Writing in the Wall Street Journal last week, former Secretary of the Navy John Lehman notes the necessity of re-building the navy after years of decline and the difficulties of doing so. Lehman:
Although all branches of the military went through budget and personnel cuts under the Obama administration, the Navy fared the worst. Today the American fleet is less than half the size it was under President Reagan. [….]
During the 1960s the fleet numbered above 800. But after the Vietnam War, the U.S. sought a “peace dividend” and ordered the Navy to do more with less. Historically, a sailor’s maximum deployment was six months away from family in any 18-month period. Today deployments stretch to nine months or longer. Skilled sailors are being worn out, and many of the best are leaving. We have too few ships on too many crucial missions. Without the funding to keep them in repair, they deploy without being combat-ready and are eventually forced into early retirement. Many of the Navy’s combat aircraft are unable to fly without awaiting parts and repair.
Of note is that the costs of replacing, refitting, or rebuilding the fleet have skyrocketed compared with recent decades. Lehman provides two case studies for comparison:
Recall the development of the Polaris nuclear-missile system in the late 1950s. The whole package—a nuclear submarine, a solid-fuel missile, an underwater launch system, a nuclear warhead and a guidance system—went from the drawing board to deployment in four years (and using slide rules). Today, according to the Defense Business Board, the average development timeline for much less complex weapons is 22.5 years.
A case in point is the Ford-class aircraft carrier. The program is two years delayed and $2.4 billion over budget. The ship was designed to include 12 new technologies, such as electric instead of steam catapults that had not yet been developed. Many of these systems don’t work after 10 years of trying, and the ship will be delivered to the Navy without fully functional radar and unable to launch or recover aircraft. Yet the defense firms involved still profit under cost-plus contracts.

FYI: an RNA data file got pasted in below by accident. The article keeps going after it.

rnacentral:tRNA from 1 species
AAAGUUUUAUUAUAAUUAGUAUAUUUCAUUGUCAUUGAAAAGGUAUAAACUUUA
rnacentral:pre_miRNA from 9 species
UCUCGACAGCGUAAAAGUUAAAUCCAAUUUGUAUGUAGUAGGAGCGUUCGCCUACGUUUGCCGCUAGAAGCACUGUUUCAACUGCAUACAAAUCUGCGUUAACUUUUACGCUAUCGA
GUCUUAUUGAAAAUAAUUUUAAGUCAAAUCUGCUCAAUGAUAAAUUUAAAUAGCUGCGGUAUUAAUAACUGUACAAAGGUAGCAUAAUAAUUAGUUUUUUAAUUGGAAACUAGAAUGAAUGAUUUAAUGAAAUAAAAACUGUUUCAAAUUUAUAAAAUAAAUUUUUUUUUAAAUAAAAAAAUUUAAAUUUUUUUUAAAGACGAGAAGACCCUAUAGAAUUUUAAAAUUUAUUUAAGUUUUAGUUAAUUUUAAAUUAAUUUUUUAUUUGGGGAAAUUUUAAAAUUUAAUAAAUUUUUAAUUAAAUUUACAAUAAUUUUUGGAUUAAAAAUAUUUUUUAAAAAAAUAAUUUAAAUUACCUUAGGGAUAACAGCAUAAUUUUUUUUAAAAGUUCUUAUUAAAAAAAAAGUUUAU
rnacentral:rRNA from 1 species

The whole thing is worth a read here.
Longtime readers will know that these problems are hardly new. Writing in The American Interest in 2007, Edward Luttwak described the procurement paradox, by which a shrinking military becomes more expensive as economies of scale in production decline and ever more technologies get slapped onto legacy platforms. The solutions proposed in the same issue by Bruce Berkowitz to break the bureaucratic sclerosis in the style of Polaris remain viable because the cost disease of procurement remains largely unchanged.
As Lehman’s essay notes, there is bipartisan agreement on the need to grow the navy, and if President Trump can pass his defense hikes and end sequestration he may be able to pull it off. But given the unimpressive procurement record of the F-35, the Ford class carriers and other multi-billion dollar debacles, the Trump Administration would be wise to consider whether there’s a better way to spend the money. Lehman’s proposals would be a good start.